Nutrition writer, podcast host, and self-proclaimed health nerd Ashleigh VanHouten believes that food (and life) is all about perspective: having an open mind and an adventurous spirit can take you to wonderful places you’d never experience otherwise.
For her, that adventurous spirit led her to offal.
Offal, pronounced (unfortunately) as “awful”, refers to an animal’s organs and entrails. Offal is extremely nutrient dense, with high concentrations ofcollagen(our favorite!) given the nature of the organ. Our primal ancestors used to prefer offal, for both the nutrients and all of theother health factors, reaching for the liver and heart before any other part of the animal. These nutrient-rich organs are still popular in many international cuisines, but have become rare in most Western diets. VanHouten hopes to change that.
So she wrote a whole book about it: It Takes Guts.
It Takes Guts: A Meat-Eater’s Guide to Eating Offal is an entertaining and user-friendly guide to enjoying some of the more adventurous parts of the animal, as well as understanding the value of whole-animal cooking. With 75 delicious and easy recipes that help you adopt a whole-animal approach to your eating, from nose-to-tail.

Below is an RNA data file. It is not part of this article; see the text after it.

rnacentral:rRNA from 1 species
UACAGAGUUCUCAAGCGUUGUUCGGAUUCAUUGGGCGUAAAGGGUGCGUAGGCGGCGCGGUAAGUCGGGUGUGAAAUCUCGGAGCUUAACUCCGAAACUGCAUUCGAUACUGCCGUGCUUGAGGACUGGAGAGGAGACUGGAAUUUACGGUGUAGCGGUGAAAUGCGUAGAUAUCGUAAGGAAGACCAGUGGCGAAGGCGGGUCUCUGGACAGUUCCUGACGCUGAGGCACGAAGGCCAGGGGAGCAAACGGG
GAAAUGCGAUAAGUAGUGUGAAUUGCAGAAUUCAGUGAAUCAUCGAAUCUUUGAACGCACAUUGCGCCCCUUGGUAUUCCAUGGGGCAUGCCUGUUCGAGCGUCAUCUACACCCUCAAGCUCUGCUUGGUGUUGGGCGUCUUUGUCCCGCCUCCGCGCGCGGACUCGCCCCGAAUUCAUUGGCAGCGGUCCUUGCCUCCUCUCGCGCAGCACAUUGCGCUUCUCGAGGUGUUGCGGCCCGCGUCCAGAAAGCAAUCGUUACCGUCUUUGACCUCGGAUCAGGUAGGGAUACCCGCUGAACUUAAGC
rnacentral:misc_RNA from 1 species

VanHouten writes, “There are many great reasons to adopt a truly whole-animal, nose-to-tail approach to eating. It Takes Guts is more than a cookbook: it’s about education and understanding that the way we eat is important. Our choices matter, and we should seek to know why a particular food is beneficial for us, the ecosystem, and the animals, and how our food choices fit into the larger food industry and community in which we are a part.”
What's in the book?
An Exclusive Recipe:
Yield: 4 servings
Prep time: 5 minutes
Cook time: 20 minutes
Lamb hearts are, predictably, a little bigger than chicken hearts but smaller than beef hearts, so they’re kind of a happy medium: they have a rich lamby flavor but are still quick and easy to cook like smaller hearts are. This recipe shows off the ease and versatility of this cut of meat. You don’t have to roast it for hours or hide it in something elaborate: just pan-fry it with some butter and spices, and you have a delicious protein source to throw on top of a salad or starchy side dish.
2 lamb hearts, cleaned
¼ cup blanched almond flour
1 teaspoon smoked paprika
½ teaspoon cayenne pepper
2 teaspoons coarsely ground sea salt
¼ cup (½ stick) grass-fed unsalted butter
½ small onion, diced
1/3 cup chicken or beef bone broth
5 cups arugula
1 lemon wedge
Salt and pepper, to taste
Note: These saucy lamb hearts will keep in the fridge for up to a week.